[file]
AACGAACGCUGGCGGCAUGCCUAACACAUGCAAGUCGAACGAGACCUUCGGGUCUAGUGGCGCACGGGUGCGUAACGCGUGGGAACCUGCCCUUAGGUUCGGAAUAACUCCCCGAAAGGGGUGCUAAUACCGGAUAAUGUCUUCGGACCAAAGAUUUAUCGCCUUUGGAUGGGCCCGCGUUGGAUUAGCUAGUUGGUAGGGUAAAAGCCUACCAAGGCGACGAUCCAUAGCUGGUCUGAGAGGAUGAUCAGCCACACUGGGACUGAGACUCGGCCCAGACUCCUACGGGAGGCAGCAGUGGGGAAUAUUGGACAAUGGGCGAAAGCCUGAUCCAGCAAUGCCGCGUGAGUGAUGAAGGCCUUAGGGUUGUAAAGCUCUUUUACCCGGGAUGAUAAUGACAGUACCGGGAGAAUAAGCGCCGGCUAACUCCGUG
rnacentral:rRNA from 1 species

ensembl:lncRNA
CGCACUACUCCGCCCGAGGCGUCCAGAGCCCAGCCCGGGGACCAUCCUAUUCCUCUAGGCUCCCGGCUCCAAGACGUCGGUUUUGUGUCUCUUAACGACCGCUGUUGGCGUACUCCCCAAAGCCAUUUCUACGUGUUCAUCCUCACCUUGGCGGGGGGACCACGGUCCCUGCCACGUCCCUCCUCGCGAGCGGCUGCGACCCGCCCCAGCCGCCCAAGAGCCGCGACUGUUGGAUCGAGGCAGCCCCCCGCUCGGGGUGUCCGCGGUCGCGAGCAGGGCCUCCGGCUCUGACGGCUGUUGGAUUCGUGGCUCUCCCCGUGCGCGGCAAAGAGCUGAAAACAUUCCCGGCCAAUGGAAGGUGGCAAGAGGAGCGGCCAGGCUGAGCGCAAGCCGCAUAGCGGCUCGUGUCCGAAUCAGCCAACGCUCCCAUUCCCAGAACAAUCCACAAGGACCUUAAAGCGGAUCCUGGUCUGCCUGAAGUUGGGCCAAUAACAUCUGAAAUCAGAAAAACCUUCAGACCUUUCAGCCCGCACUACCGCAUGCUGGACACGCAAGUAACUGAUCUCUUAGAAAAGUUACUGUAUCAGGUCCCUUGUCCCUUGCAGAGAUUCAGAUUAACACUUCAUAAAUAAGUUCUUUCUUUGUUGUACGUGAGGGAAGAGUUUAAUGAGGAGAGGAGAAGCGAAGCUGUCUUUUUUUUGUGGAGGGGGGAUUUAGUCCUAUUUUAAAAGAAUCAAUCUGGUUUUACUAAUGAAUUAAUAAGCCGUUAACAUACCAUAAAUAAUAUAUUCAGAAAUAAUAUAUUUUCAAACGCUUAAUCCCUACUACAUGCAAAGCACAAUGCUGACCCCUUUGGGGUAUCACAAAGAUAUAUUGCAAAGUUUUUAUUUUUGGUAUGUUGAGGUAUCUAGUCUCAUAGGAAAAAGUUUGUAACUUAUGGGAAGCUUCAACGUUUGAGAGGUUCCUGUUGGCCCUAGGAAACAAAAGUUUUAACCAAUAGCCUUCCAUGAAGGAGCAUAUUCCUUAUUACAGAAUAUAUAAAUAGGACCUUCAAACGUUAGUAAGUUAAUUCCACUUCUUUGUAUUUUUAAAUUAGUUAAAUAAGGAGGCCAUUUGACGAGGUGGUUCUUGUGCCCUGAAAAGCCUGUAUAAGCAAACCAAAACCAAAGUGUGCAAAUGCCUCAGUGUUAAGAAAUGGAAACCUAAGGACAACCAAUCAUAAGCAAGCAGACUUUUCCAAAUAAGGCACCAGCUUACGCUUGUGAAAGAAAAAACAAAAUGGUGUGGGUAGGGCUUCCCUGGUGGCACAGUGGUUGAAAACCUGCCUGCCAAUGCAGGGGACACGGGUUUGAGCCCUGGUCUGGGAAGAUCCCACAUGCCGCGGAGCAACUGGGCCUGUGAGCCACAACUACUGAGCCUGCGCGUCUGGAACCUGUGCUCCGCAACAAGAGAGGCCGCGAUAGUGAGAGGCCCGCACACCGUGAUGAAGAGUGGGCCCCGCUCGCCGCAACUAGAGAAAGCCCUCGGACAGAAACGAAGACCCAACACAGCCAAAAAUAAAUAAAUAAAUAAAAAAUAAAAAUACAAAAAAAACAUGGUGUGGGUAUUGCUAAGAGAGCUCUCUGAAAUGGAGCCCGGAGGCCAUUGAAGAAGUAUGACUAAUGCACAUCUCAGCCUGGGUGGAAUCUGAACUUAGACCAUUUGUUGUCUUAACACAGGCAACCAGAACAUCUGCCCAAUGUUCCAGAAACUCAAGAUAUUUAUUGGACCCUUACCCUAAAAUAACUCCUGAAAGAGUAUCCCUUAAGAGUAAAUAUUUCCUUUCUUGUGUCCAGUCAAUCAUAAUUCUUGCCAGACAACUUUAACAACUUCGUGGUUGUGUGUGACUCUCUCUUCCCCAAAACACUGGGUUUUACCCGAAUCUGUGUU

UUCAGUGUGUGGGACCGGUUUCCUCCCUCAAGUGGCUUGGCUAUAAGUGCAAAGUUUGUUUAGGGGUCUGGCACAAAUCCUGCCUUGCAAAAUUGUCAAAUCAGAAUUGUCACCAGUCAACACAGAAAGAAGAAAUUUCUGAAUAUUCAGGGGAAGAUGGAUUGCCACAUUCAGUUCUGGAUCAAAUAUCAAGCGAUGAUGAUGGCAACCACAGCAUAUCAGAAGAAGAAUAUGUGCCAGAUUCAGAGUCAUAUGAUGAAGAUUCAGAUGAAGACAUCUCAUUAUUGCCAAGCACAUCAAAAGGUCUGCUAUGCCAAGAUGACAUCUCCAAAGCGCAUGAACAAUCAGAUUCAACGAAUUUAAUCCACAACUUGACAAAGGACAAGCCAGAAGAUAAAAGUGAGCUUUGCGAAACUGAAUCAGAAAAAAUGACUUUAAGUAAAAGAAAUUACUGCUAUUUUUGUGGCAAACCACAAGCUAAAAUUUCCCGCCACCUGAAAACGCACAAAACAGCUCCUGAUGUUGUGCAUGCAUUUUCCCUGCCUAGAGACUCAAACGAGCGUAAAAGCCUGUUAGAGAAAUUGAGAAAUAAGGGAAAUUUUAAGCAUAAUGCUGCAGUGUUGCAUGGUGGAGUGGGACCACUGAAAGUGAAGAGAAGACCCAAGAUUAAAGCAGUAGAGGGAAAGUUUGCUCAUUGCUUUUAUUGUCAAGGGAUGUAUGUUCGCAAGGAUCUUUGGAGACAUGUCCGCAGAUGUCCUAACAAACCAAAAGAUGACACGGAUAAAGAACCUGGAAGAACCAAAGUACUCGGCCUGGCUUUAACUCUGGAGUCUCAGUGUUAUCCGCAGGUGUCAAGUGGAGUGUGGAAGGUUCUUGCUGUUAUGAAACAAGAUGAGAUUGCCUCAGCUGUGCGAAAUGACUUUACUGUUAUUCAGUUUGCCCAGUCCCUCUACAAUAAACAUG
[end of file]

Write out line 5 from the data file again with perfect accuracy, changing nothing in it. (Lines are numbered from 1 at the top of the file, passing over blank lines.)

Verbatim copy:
UUCAGUGUGUGGGACCGGUUUCCUCCCUCAAGUGGCUUGGCUAUAAGUGCAAAGUUUGUUUAGGGGUCUGGCACAAAUCCUGCCUUGCAAAAUUGUCAAAUCAGAAUUGUCACCAGUCAACACAGAAAGAAGAAAUUUCUGAAUAUUCAGGGGAAGAUGGAUUGCCACAUUCAGUUCUGGAUCAAAUAUCAAGCGAUGAUGAUGGCAACCACAGCAUAUCAGAAGAAGAAUAUGUGCCAGAUUCAGAGUCAUAUGAUGAAGAUUCAGAUGAAGACAUCUCAUUAUUGCCAAGCACAUCAAAAGGUCUGCUAUGCCAAGAUGACAUCUCCAAAGCGCAUGAACAAUCAGAUUCAACGAAUUUAAUCCACAACUUGACAAAGGACAAGCCAGAAGAUAAAAGUGAGCUUUGCGAAACUGAAUCAGAAAAAAUGACUUUAAGUAAAAGAAAUUACUGCUAUUUUUGUGGCAAACCACAAGCUAAAAUUUCCCGCCACCUGAAAACGCACAAAACAGCUCCUGAUGUUGUGCAUGCAUUUUCCCUGCCUAGAGACUCAAACGAGCGUAAAAGCCUGUUAGAGAAAUUGAGAAAUAAGGGAAAUUUUAAGCAUAAUGCUGCAGUGUUGCAUGGUGGAGUGGGACCACUGAAAGUGAAGAGAAGACCCAAGAUUAAAGCAGUAGAGGGAAAGUUUGCUCAUUGCUUUUAUUGUCAAGGGAUGUAUGUUCGCAAGGAUCUUUGGAGACAUGUCCGCAGAUGUCCUAACAAACCAAAAGAUGACACGGAUAAAGAACCUGGAAGAACCAAAGUACUCGGCCUGGCUUUAACUCUGGAGUCUCAGUGUUAUCCGCAGGUGUCAAGUGGAGUGUGGAAGGUUCUUGCUGUUAUGAAACAAGAUGAGAUUGCCUCAGCUGUGCGAAAUGACUUUACUGUUAUUCAGUUUGCCCAGUCCCUCUACAAUAAACAUG